Brian Vickers ignored the first sign something was wrong.
He felt chest pains and shortness of breath, but because the pain was at times less intense than at others, Vickers figured it was something that would go away on its own. Or something that wasn't a big deal.
"I woke up and being young and 26, I thought I was invincible," the NASCAR driver said. "So I just went back to sleep, brushed it off."
Eventually, he had to notice. Vickers suffered from two life-threatening blood clots. Last week he announced he will be out of the No. 83 Red Bull Racing Toyota for the rest of the season. Casey Mears replaced him in the All-Star race.
Vickers is on blood thinners, a potentially dangerous situation if he were to bleed during a race. He plans to return for the 2011 season.
"I can actually race and be on blood thinners. I just can't crash," Vickers said, lightly. "I told them that if I promised not to crash, would they let me race? The answer was no."
A feeling of invincibility isn't unique to Vickers. It's easy to think NASCAR drivers are invincible these days.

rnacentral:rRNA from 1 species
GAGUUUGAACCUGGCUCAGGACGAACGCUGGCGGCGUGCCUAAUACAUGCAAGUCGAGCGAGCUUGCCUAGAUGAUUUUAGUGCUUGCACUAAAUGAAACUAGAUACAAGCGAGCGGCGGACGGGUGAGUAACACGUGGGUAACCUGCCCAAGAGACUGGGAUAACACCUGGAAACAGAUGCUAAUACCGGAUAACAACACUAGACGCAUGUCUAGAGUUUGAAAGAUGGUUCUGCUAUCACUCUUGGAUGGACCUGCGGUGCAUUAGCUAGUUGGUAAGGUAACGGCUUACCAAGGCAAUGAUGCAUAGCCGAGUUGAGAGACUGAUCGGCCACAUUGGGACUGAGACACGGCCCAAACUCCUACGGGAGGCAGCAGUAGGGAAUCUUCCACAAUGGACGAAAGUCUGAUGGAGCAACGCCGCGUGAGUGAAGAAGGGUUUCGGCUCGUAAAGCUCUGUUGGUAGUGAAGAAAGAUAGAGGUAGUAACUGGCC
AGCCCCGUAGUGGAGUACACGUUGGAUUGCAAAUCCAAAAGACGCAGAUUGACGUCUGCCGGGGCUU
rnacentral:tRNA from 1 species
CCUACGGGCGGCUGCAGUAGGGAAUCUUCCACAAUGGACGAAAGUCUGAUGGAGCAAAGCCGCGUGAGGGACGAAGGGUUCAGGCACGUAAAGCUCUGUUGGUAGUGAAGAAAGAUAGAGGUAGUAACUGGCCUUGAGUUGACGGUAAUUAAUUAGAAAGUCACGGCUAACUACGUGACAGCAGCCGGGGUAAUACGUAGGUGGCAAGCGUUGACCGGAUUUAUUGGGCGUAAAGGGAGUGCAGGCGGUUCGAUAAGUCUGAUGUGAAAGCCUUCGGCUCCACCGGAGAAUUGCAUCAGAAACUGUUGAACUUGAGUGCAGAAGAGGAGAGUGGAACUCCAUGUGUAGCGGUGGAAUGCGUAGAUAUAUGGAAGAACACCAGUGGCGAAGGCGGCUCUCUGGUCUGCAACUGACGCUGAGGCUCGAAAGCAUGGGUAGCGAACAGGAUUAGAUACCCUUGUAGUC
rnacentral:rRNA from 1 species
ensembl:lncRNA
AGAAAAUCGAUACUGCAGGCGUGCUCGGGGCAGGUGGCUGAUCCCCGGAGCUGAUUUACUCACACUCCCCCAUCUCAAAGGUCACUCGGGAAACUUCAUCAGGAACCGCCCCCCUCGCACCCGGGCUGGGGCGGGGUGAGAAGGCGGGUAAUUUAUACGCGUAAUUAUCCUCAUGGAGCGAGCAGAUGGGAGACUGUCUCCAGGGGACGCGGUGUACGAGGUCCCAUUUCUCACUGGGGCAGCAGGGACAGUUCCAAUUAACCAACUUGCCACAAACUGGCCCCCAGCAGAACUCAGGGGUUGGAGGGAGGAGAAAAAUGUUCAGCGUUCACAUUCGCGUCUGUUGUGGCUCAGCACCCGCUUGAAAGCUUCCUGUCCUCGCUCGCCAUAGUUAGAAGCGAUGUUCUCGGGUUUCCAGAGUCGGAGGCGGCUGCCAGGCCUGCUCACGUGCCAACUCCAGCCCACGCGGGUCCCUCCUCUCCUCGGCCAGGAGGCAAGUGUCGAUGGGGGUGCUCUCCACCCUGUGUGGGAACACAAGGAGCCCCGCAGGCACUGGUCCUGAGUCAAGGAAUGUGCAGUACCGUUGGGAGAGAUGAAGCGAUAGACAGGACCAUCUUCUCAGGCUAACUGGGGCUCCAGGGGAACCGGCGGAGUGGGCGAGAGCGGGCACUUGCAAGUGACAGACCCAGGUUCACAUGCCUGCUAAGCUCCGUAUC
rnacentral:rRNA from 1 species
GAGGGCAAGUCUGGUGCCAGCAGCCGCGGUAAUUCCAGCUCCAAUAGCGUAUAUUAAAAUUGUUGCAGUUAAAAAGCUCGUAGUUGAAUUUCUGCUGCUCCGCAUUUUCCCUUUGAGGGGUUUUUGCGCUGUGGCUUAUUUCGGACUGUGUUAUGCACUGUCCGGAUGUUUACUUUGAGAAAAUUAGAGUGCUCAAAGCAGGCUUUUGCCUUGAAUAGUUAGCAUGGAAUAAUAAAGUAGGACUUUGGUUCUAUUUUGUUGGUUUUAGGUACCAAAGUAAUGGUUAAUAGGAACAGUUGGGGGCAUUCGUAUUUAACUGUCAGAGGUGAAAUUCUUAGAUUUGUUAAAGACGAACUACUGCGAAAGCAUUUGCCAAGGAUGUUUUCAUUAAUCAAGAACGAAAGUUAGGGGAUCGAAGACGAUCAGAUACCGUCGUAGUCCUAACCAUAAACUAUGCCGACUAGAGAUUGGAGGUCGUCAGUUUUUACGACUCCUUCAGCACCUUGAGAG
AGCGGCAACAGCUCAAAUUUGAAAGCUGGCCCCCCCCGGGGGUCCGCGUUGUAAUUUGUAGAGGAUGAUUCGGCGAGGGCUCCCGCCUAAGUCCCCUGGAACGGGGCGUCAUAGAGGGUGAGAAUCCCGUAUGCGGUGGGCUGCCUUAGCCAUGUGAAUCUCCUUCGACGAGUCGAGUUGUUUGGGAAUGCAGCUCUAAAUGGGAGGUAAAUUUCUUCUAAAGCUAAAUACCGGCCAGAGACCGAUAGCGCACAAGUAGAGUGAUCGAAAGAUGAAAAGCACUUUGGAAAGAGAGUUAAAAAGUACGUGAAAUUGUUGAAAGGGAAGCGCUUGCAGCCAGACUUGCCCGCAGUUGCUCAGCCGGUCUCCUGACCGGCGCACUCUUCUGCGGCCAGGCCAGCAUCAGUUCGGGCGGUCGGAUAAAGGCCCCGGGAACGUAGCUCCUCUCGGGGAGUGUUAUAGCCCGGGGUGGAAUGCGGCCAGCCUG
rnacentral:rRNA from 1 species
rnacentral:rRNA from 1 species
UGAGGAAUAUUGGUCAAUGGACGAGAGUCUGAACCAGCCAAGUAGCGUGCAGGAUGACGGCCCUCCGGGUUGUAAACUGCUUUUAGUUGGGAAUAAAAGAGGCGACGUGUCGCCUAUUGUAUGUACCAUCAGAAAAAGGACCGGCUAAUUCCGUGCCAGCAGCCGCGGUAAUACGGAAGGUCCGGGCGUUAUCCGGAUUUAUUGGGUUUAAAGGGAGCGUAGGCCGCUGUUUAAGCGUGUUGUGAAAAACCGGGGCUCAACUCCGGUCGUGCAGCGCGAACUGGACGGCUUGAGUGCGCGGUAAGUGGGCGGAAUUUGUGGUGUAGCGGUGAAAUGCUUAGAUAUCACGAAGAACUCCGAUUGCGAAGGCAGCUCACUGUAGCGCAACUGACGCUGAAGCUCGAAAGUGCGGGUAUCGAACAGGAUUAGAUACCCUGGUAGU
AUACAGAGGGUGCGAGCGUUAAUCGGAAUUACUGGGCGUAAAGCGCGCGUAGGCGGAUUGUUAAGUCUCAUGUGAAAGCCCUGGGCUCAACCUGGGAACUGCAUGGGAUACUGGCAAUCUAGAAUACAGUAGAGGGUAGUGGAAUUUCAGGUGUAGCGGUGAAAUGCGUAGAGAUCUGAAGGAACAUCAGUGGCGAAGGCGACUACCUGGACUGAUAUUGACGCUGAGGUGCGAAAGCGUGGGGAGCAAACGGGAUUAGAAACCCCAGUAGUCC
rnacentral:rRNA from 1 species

Safety advancements have improved to the point where it is nearly impossible for a driver to be hurt seriously in the Car of Tomorrow, especially given the fitness levels of today's drivers.
After all, Carl Edwards' car flipped terrifyingly into the air last year at Talledega, hit a fence, landed on the track and burst into flames, but he hopped out of the car and jogged to the finish line.
Vickers' situation had nothing to do with car safety. It was an unrelated medical condition — one his doctor stopped short of calling rare for a 26-year-old.
Still, it was jarring for his competitors.
"It's just unbelievable to be in a situation where you can't drive a racecar — I can't imagine what that's like to deal with on top of being young, and a fit, young man," Mark Martin said. "It's something that I don't understand yet."
All the drivers got a reminder last week that invincibility is an illusion.